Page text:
What Causes Obesity?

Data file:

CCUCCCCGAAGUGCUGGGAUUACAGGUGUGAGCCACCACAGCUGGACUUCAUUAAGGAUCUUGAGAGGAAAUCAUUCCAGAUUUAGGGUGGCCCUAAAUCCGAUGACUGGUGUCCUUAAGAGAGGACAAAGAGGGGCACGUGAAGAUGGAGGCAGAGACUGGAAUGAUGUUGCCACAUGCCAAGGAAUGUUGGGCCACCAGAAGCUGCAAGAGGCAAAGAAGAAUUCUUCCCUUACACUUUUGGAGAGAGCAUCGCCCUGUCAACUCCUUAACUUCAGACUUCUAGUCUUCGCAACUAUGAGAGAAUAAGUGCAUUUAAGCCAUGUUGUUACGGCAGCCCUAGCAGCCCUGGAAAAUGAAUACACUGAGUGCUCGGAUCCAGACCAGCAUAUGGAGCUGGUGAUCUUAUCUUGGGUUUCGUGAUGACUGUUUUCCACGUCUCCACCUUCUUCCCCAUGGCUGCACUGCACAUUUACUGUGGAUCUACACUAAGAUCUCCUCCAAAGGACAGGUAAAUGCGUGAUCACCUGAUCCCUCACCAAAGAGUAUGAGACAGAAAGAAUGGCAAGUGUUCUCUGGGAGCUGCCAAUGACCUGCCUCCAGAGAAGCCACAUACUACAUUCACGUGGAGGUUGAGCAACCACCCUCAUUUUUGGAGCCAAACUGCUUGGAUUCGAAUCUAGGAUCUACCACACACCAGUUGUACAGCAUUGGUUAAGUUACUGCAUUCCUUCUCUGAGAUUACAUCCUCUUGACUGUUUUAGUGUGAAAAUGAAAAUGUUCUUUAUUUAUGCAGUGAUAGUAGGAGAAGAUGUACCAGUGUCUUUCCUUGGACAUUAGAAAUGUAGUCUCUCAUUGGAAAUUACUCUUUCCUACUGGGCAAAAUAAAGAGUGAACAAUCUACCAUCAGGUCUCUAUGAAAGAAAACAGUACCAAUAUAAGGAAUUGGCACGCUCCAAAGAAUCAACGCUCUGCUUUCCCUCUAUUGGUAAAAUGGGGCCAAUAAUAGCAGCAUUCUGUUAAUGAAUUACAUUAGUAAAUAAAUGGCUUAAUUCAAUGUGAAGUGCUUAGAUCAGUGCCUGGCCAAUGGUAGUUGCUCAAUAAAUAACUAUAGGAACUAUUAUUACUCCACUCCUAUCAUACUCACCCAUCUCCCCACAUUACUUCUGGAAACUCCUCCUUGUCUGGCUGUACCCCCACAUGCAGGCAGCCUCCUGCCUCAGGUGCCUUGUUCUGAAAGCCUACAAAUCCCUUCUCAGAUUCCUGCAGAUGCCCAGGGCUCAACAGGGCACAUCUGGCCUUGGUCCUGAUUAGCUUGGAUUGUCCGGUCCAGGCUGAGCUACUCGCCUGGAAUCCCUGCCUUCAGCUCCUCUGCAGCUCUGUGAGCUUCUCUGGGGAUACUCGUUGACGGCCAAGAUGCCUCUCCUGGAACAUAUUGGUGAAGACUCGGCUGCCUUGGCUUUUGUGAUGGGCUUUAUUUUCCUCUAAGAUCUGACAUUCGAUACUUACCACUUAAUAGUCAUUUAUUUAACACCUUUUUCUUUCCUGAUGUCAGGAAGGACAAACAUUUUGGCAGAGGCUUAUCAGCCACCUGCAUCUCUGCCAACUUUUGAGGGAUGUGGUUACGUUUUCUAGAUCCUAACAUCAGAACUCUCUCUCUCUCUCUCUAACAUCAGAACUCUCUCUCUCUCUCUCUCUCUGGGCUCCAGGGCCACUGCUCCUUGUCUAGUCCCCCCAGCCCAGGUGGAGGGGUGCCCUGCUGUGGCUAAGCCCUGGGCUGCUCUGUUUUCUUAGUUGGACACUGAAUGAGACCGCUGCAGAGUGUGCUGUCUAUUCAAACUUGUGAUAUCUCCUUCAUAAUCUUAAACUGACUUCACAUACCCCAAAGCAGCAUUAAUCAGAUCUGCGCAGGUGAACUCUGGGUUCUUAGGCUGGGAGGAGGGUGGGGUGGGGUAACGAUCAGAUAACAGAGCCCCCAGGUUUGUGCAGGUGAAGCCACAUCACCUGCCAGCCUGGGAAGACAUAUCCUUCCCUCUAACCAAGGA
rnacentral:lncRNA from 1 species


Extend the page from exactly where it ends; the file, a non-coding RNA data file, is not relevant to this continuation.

A century ago obesity was a rare condition. Obesity rates have more than tripled in the last 50 years. Much of the variation in how easily we gain weight is coded in genes and passed down through families. The global epidemic of obesity has grown too rapidly in recent years for variations in genetics to be the cause. The food industry has helped promote the message that inactivity, rather than high consumption of manufactured, calorie-rich, nutrient-poor foods, is the cause of obesity. Calorie over consumption is proven to be more important than physical activity in weight maintenance and loss. In fact, the level of physical activity over the last few decades has actually been increasing. The increase in calories per person has risen by about 350 calories per day in children and about 500 calories per day in adults in the last 50 years. To burn off just these additional calories, we’d have to walk two hours a day, seven days a week. Studies show that exercise, despite all its benefits, cannot compensate for poor eating habits when it comes to weight loss. The bulk of these extra calories are coming from meat, eggs, dairy products, and added fats. We consume 60 more pounds of meat per person each year and 30 more pounds of cheese per person per year than we did a century ago. We’re eating meat and dairy products in quantities that our grandparents would have never imagined. Meat and dairy are the primary cause of the obesity epidemic, and setting them aside will help solve it.